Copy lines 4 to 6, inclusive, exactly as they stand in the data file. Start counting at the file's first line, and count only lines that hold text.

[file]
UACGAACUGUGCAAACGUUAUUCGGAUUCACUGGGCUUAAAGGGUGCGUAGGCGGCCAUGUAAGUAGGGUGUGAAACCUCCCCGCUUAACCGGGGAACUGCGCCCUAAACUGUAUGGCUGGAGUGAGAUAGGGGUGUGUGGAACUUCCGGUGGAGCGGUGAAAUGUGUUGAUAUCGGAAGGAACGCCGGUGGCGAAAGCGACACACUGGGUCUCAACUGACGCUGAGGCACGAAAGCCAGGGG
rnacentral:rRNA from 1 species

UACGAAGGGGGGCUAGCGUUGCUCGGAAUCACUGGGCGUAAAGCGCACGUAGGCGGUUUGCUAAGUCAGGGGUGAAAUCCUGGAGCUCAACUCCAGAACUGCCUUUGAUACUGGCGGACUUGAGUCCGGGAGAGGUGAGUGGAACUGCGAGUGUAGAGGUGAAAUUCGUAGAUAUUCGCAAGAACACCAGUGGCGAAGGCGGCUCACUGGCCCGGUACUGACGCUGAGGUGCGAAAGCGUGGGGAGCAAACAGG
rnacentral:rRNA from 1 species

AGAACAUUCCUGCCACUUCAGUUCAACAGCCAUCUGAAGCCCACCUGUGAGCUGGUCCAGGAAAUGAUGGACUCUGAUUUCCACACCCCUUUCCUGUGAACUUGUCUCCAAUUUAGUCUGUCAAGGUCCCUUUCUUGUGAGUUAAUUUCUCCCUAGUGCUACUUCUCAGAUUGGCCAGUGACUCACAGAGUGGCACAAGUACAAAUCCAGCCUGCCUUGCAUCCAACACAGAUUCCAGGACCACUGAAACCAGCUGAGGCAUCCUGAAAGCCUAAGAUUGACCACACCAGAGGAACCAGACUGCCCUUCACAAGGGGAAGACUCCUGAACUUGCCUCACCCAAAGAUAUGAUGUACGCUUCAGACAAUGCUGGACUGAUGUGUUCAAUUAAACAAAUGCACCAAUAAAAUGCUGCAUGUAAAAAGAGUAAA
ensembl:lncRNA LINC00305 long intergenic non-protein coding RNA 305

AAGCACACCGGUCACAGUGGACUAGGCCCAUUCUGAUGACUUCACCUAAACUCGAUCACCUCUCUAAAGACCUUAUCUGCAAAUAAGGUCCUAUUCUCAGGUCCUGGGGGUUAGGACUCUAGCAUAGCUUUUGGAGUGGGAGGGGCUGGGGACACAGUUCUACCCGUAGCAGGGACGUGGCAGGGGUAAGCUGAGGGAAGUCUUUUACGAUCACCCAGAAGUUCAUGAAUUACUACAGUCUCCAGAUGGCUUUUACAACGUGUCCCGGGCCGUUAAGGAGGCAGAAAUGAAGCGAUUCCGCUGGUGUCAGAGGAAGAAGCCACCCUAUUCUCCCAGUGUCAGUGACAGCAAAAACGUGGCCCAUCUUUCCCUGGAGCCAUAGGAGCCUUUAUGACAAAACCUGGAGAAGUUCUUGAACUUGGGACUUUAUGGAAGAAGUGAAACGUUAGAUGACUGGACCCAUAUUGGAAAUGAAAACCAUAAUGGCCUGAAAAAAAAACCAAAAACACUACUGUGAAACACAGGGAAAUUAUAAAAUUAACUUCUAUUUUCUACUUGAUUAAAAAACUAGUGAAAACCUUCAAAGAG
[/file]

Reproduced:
rnacentral:rRNA from 1 species

AGAACAUUCCUGCCACUUCAGUUCAACAGCCAUCUGAAGCCCACCUGUGAGCUGGUCCAGGAAAUGAUGGACUCUGAUUUCCACACCCCUUUCCUGUGAACUUGUCUCCAAUUUAGUCUGUCAAGGUCCCUUUCUUGUGAGUUAAUUUCUCCCUAGUGCUACUUCUCAGAUUGGCCAGUGACUCACAGAGUGGCACAAGUACAAAUCCAGCCUGCCUUGCAUCCAACACAGAUUCCAGGACCACUGAAACCAGCUGAGGCAUCCUGAAAGCCUAAGAUUGACCACACCAGAGGAACCAGACUGCCCUUCACAAGGGGAAGACUCCUGAACUUGCCUCACCCAAAGAUAUGAUGUACGCUUCAGACAAUGCUGGACUGAUGUGUUCAAUUAAACAAAUGCACCAAUAAAAUGCUGCAUGUAAAAAGAGUAAA
ensembl:lncRNA LINC00305 long intergenic non-protein coding RNA 305